Frederick soon followed the Austrians with his whole army, hoping to bring them to a decisive battle. But General Neipperg was conscious that he was unable to cope with the Prussian army in the open field. For a week there was man?uvring and counter-man?uvring with great skill on both sides, General Neipperg baffling all the endeavors of Frederick to bring him to a general action.Frederick, having obtained all that, for the present, he could hope to obtain, deemed it for his interest to attempt to promote the peace of Europe. His realms needed consolidating, his army recruiting, his treasury replenishing. But he found it much easier to stir up the elements of strife than to allay them.
As we have mentioned, the agents of the King of Prussia were45 eager to kidnap tall men, in whatever country they could find them. This greatly exasperated the rulers of the various realms of all sizes and conditions which surrounded the Prussian territory. Frederick William was always ready to apologize, and to aver that each individual act was done without his orders or knowledge. Still, there was no abatement of this nuisance. Several seizures had been made in Hanover, which was the hereditary domain of George I., King of England. George was very angry. He was increasingly obstinate in withholding his assent to the double marriage, and even, by way of reprisal, seized several of the subjects of Frederick William, whom he caught in Hanover.“Your excellency does not know that wily enemy, the King of Prussia, as well as I do. By no means get into a battle with him. Cautiously man?uvre about. Detain him there till I have got my stroke in Saxony done. Don’t try fighting him.
“Gentlemen, I do not look upon you as my subjects, but as my friends. The troops of Brandenburg have always signalized222 themselves by their courage, and given, on different occasions, the fullest evidences of their bravery. I shall be an eye-witness to all your exploits. You will always fight in my presence. I will recompense those who shall distinguish themselves for their zeal in my service rather as a father than as a sovereign.”“There was, after all,” says Valori, “at times a kind of devout feeling in this prince, who possessed such a combination of qualities, good and bad, that I know not which preponderates.”
Thus affairs continued through the winter. There were two frostbitten armies facing each other on the bleak plains. With apparently not much to be gained in presenting this front of defiance,496 each party breasted the storms and the freezing gales, alike refusing to yield one inch of ground.
CHARGE OF GENERAL SEIDLITZ AT ZORNDORF.Very vigorous measures were immediately adopted to establish an Academy of Sciences. The celebrated French philosopher Maupertuis, who had just obtained great renown from measuring a degree of the meridian at the polar circle, was invited to organize this very important institute. The letter to the philosopher, written by the king but a few days after his accession, was as follows:gg. Retreat of Austrians.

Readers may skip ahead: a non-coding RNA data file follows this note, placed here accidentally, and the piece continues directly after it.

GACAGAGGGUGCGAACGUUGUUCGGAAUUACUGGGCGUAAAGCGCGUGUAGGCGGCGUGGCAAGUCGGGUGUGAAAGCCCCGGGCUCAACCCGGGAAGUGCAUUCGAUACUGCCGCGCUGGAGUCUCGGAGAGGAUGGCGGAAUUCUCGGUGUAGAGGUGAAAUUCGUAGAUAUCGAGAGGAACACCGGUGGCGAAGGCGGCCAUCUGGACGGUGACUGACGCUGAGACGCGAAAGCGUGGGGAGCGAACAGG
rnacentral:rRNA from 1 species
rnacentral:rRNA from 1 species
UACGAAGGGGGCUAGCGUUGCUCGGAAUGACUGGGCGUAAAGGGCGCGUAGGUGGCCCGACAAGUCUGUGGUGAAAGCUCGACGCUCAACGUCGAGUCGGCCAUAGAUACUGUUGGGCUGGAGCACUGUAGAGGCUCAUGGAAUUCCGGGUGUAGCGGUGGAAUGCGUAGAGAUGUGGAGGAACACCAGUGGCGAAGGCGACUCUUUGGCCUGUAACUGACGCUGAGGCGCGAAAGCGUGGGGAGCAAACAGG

“Frederick bethinks him that in a late visit to Weimar he had noticed, for his fine qualities, a young gentleman named G?rtz, late tutor to the young Duke Karl August, a wise, firm, adroit-looking young gentleman, who was farther interesting as brother to Lieutenant General Von G?rtz, a respectable soldier of Frederick’s. Ex-tutor at Weimar, we say, and idle for the moment; hanging about court there, till he should find a new function.“My gentleman admitted this, and led the conversation on to the Dutch government. He criticised it—probably to bring me to speak. I did speak, and gave him frankly to know that he was not perfectly instructed in the thing he was criticising.
“I forewarn you of this, that, if we should meet again in flesh and bone, you might not feel yourself too violently shocked by my appearance. There remains nothing to me unaltered but my heart, which, as long as I breathe, will retain sentiments of esteem and tender friendship for my good mamma. Adieu.”159Frederick, as Crown Prince, had been quite methodical in the distribution of his time, and had cultivated rigid habits of industry. Now, fully conscious of the immense duties and cares which would devolve upon him as king, he entered into a very systematic arrangement of the employments of each hour, to which he rigidly adhered during nearly the whole of his reign of forty-six years. He ordered his servants to wake him at four o’clock every morning. Being naturally inclined to sleep, he found it hard to shake off his lethargy. The attendants were therefore directed, every morning, to place upon his forehead a towel dipped in cold water. He thus continued to rise at four o’clock, summer and winter, until an advanced age.Origin of the Prussian Monarchy.—The Duchies of Brandenburg and Prussia.—The Elector crowned King Frederick I.—Frederick William.—His Childhood, Youth, and Marriage.—Birth of Fritz.—Death of Frederick I.—Eccentric Character of Frederick William.—His defective Education.—His Energy.—Curious Anecdotes.—Hatred of the French.—Education of Fritz.—The Father’s Plan of Instruction.详情
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